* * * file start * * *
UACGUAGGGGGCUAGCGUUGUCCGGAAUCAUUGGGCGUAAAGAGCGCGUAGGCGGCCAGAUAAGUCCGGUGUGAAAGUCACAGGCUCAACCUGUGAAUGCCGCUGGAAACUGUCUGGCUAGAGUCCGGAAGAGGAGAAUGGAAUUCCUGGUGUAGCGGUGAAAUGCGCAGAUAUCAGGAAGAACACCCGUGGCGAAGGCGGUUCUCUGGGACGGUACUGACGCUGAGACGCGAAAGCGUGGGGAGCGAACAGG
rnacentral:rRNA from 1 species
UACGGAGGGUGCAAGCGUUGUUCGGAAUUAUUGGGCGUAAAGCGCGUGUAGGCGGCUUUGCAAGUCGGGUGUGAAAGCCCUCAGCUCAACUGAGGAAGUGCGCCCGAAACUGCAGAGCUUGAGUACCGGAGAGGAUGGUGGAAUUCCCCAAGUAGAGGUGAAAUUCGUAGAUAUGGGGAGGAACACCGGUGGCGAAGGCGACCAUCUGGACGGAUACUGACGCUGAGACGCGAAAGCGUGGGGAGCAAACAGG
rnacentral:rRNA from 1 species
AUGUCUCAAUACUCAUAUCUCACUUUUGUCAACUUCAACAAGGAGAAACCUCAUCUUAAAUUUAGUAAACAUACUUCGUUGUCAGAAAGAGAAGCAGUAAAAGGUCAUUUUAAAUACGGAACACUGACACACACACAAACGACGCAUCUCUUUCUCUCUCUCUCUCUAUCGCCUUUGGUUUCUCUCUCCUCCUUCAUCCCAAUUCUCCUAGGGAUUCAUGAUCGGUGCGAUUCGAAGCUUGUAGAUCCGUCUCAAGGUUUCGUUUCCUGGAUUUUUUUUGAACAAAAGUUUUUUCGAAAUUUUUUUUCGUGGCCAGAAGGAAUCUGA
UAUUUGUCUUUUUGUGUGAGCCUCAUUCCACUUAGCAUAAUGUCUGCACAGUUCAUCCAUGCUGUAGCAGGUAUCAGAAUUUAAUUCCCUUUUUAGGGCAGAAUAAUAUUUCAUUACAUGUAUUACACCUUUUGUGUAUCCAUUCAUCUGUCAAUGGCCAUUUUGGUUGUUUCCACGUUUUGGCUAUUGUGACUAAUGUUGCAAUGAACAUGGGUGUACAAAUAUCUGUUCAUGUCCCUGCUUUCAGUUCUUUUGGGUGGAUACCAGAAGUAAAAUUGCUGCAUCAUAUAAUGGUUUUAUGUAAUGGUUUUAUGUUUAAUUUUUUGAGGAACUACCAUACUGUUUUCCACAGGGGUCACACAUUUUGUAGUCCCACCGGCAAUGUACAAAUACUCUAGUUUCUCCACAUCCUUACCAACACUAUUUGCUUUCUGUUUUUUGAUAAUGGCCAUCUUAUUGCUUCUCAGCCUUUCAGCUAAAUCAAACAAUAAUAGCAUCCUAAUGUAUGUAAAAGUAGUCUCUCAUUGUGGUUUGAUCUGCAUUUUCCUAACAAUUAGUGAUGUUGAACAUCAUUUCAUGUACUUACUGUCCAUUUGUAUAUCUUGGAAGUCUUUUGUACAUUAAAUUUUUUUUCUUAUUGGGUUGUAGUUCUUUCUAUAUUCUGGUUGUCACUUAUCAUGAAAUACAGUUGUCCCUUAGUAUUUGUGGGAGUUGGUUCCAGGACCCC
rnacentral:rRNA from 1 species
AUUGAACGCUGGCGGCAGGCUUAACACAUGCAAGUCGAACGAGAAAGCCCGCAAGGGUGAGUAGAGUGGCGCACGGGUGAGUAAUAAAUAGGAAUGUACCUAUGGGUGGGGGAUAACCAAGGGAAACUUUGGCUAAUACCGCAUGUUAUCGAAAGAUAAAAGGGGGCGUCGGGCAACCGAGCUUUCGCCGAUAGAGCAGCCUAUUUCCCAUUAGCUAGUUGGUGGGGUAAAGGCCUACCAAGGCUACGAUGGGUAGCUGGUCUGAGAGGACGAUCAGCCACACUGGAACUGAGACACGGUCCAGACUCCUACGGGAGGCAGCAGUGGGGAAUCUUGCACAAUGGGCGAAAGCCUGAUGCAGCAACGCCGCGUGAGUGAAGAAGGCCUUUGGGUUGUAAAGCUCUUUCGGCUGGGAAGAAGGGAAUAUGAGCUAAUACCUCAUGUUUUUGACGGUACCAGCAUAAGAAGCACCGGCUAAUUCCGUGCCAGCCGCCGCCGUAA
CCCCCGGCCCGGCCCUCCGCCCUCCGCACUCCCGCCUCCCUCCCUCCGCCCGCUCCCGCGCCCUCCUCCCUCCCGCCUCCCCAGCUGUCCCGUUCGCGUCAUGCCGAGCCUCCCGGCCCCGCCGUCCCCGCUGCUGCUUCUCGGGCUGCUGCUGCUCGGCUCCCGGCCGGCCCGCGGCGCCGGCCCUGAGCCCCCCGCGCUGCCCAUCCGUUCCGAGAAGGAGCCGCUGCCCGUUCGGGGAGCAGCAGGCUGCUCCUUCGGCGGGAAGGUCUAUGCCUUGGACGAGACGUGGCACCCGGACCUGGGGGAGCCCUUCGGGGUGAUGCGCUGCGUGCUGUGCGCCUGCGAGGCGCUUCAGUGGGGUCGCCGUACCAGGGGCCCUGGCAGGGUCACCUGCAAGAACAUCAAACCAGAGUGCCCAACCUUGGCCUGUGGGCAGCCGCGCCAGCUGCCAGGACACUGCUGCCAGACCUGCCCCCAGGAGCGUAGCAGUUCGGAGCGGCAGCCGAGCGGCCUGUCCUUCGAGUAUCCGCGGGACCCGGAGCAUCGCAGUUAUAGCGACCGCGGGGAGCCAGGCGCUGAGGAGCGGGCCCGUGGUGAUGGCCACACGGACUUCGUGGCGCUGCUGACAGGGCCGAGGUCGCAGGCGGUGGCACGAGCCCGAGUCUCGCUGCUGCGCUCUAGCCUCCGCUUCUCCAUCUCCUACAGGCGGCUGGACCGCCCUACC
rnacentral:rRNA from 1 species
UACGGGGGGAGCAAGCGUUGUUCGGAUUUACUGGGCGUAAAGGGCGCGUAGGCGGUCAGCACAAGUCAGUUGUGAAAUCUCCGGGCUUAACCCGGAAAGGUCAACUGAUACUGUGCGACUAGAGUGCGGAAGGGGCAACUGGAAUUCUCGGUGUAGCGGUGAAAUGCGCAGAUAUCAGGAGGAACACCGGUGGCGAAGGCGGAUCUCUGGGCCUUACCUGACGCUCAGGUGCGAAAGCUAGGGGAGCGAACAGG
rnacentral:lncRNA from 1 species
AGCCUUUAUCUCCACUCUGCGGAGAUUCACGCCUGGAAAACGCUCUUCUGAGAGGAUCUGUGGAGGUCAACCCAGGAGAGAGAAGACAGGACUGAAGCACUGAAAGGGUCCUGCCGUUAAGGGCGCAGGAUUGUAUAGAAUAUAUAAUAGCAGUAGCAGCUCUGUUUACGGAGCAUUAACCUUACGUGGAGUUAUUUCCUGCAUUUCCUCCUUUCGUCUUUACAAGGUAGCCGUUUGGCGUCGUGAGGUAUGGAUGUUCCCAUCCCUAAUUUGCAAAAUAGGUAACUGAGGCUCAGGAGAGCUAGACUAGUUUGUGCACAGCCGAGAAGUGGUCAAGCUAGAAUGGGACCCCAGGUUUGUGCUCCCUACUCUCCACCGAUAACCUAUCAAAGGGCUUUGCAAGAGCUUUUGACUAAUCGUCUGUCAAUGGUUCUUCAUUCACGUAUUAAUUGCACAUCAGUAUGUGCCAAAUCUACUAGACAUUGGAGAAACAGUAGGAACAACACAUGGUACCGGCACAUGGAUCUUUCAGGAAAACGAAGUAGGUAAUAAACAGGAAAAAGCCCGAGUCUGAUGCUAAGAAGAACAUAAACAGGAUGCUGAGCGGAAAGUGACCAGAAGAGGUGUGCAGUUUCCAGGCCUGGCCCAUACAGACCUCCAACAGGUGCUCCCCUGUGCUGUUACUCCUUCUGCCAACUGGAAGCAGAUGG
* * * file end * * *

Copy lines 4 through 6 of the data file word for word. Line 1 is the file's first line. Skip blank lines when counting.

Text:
rnacentral:rRNA from 1 species
AUGUCUCAAUACUCAUAUCUCACUUUUGUCAACUUCAACAAGGAGAAACCUCAUCUUAAAUUUAGUAAACAUACUUCGUUGUCAGAAAGAGAAGCAGUAAAAGGUCAUUUUAAAUACGGAACACUGACACACACACAAACGACGCAUCUCUUUCUCUCUCUCUCUCUAUCGCCUUUGGUUUCUCUCUCCUCCUUCAUCCCAAUUCUCCUAGGGAUUCAUGAUCGGUGCGAUUCGAAGCUUGUAGAUCCGUCUCAAGGUUUCGUUUCCUGGAUUUUUUUUGAACAAAAGUUUUUUCGAAAUUUUUUUUCGUGGCCAGAAGGAAUCUGA
UAUUUGUCUUUUUGUGUGAGCCUCAUUCCACUUAGCAUAAUGUCUGCACAGUUCAUCCAUGCUGUAGCAGGUAUCAGAAUUUAAUUCCCUUUUUAGGGCAGAAUAAUAUUUCAUUACAUGUAUUACACCUUUUGUGUAUCCAUUCAUCUGUCAAUGGCCAUUUUGGUUGUUUCCACGUUUUGGCUAUUGUGACUAAUGUUGCAAUGAACAUGGGUGUACAAAUAUCUGUUCAUGUCCCUGCUUUCAGUUCUUUUGGGUGGAUACCAGAAGUAAAAUUGCUGCAUCAUAUAAUGGUUUUAUGUAAUGGUUUUAUGUUUAAUUUUUUGAGGAACUACCAUACUGUUUUCCACAGGGGUCACACAUUUUGUAGUCCCACCGGCAAUGUACAAAUACUCUAGUUUCUCCACAUCCUUACCAACACUAUUUGCUUUCUGUUUUUUGAUAAUGGCCAUCUUAUUGCUUCUCAGCCUUUCAGCUAAAUCAAACAAUAAUAGCAUCCUAAUGUAUGUAAAAGUAGUCUCUCAUUGUGGUUUGAUCUGCAUUUUCCUAACAAUUAGUGAUGUUGAACAUCAUUUCAUGUACUUACUGUCCAUUUGUAUAUCUUGGAAGUCUUUUGUACAUUAAAUUUUUUUUCUUAUUGGGUUGUAGUUCUUUCUAUAUUCUGGUUGUCACUUAUCAUGAAAUACAGUUGUCCCUUAGUAUUUGUGGGAGUUGGUUCCAGGACCCC